It might not fill anyone with much confidence when the councillor in charge of cash-strapped Croydon’s finances brushes away more than £1million as if it didn’t matter, as he seeks to justify the council’s parlous financial situation, which includes a record £1.5billion of debt and lower reserves than at any time in the past six years.
But that’s what Councillor Simon Hall tried to do last week, in a memo sent to his 40 Labour councillor colleagues.
After a prolonged period of stunned silence during the various crises being handled at Fisher’s Folly, Hall’s email was sent off to Labour councillors last Tuesday, when Jo Negrini, the council’s chief executive, had yet to agree to her exit terms – which sources at the council suggest may have been first offered to her by Hall and potentially could end up costing the Council Taxpayers another £200,000.
Since May, the council has been undergoing an urgent financial review, including consultation over more than 400 council jobs. In his email, Hall responded to calls from council staff’s trades unions to extend the jobs consultation period.
Hall’s lengthy email repeats many of the themes – or excuses – that will be familiar to Inside Croydon’s loyal reader: it’s all Tory austerity’s fault (though many other councils, of all political persuasions, don’t appear to be as deep in the financial mire as Croydon), the government doesn’t treat Croydon fairly over funding (which is true) or provided enough help towards the costs of caring for unaccompanied asylum-seeking children (which even local Tories concede is also true), and it is all covid-19’s fault. Which is also true, but only up to a point.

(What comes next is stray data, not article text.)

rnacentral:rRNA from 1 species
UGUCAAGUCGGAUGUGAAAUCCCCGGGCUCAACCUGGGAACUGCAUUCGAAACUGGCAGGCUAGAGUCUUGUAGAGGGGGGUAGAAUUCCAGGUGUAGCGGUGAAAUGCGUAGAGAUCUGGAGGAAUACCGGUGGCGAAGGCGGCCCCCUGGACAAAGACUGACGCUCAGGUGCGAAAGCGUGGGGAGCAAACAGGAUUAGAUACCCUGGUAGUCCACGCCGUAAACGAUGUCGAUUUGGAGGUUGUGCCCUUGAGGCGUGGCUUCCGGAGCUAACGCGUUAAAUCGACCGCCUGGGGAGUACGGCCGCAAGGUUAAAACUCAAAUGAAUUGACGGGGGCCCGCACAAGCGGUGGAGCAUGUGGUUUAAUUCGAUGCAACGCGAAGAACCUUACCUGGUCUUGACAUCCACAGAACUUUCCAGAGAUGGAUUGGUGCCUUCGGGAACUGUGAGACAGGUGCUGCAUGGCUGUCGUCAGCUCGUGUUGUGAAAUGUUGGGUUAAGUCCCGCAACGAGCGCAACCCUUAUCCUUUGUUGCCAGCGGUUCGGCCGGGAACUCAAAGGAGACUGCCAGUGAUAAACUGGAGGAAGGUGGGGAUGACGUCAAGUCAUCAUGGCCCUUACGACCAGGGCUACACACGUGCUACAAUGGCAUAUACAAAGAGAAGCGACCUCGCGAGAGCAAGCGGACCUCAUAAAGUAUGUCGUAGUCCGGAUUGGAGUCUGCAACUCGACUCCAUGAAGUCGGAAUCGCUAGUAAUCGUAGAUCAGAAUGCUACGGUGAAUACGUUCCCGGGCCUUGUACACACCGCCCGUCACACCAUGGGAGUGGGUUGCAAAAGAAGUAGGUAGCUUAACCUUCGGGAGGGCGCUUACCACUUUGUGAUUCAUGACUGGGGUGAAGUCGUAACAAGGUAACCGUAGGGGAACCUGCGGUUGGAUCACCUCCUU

Before the pandemic hit, costing Croydon an unbudgeted £62million of unforeseen spending by the end of May, both CIPFA, the national local government accounting body, and the council’s own auditors had issued warnings to Negrini, Hall and colleagues that Croydon’s resilience in an emergency was enfeebled because of the borough’s reliance on capital borrowing and its historically low reserves.
Hall is clearly coming under particular pressure. After being the Labour politician in charge of Town Hall finances for six years, it is Hall who has allowed debt to rise by 50 per cent from the level it was at in 2014.
And it has been Hall who has been the enthusiastic cabinet member authorising the policies behind Brick by Brick, the loss-making house-builder to which the council has lent £260million (according to the company’s own business plan), and to dabble in the commercial property market, including paying £5million more than the asking price for the Croydon Park Hotel – and then forcing the hotel’s tenants out of business with too-high rents, even during lockdown, and putting another 92 people out of work.
This latest piece of financial wizardry even saw Hall make his debut appearance in the columns of the latest edition of Private Eye magazine – something from which some less-capable local councillors find their political careers never recover.
In his email to Labour councillors, Hall justifies his misadventure into the realms of commercial property management by saying, “In terms of investment assets, the council has received more net income than the interest costs associated with the loans, both overall and on each asset.”